The Ellis County Commission on Monday approved the purchase of new public safety radios for emergency officials that will bring the county one step closer to its goal of implementing mobile GPS technology.

The new Motorola radios have capabilities for automatic vehicle location and mobile data terminals in emergency vehicles. The upgrades someday could allow first responders to immediately identify the location of an emergency, and also would give dispatchers the ability to quickly identify which emergency vehicle is closest to the scene.

Emergency officials spoke strongly in favor of pursuing the technology at Monday’s meeting, noting it likely would reduce response times for law enforcement, firefighters and EMS.

“Let’s use Walmart for an example. If they have an active shooter or burglary up there, right now the dispatch center almost makes communication in the blind. ... They have no idea which unit is closest to say you need to go there,” said Darin Myers, Ellis County emergency management coordinator and fire chief. “With this type of technology adding that into the future, they can see that incident on the screen in comparison to what units are closest to be able to dispatch those types of resources as necessary.”

The automatic vehicle locators could save time in quickly determining the location of an accident, and the technology also would help firefighters and public works officials respond to the scene of a fire more quickly when aid is needed, Myers said.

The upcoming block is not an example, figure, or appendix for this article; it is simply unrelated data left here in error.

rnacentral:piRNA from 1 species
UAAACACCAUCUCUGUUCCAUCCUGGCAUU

Making the technology upgrades will take time and possibly additional resources, but emergency officials spoke strongly in favor of purchasing radios with the desired capabilities. Radios are expected to last the county approximately 15 years.

The county’s current radios are 15 years old and no longer will be repaired by the manufacturer by the end of 2018. Ellis County officials have identified GPS technology on public safety radios as a high priority dating back to 2003.

“This is something I’ve been advocating for years. We are way behind other counties and dispatch centers,” said Kerry McCue, EMS and health administrator. “In all likelihood, we’ll be reducing the response times to not only EMS, but fire crews and law enforcement and all services with the feature. That’s why it’s so important to me.”

The commission approved spending approximately $388,000 to purchase radio equipment and installation from Motorola and Mobile Radio Service for the sheriff’s department, EMS and emergency management departments.

Because the fire department is its own taxing entity, an additional $132,000 was approved for municipal lease purchase of the new radios. Commerce Bank was selected as the lending agency. A lease option was chosen to avoid need of a tax increase, Myers said.

A total of 104 portable radios and 58 mobile units will be purchased.

Current radios — and any other old radios still in storage — will be sold or traded in to help offset expenses, saving the county a total of approximately $163,600. Other local agencies and surrounding counties could benefit from the opportunity to purchase some of these former radios at a reduced price, he said.

Buckeye Wind Energy LLC also donated $1,500 to help offset expenses.

In other business, the commission:

• Approved automatic aid agreements for fire protection in Ellis and Victoria.

• Entered an agreement to secure services from Ellis County Counselor Bill Jeter.

• Re-appointed McCue as the county’s Homeland Security Council representative.

• Had three executive sessions to discuss pending litigation and attorney/client privilege. No action was taken.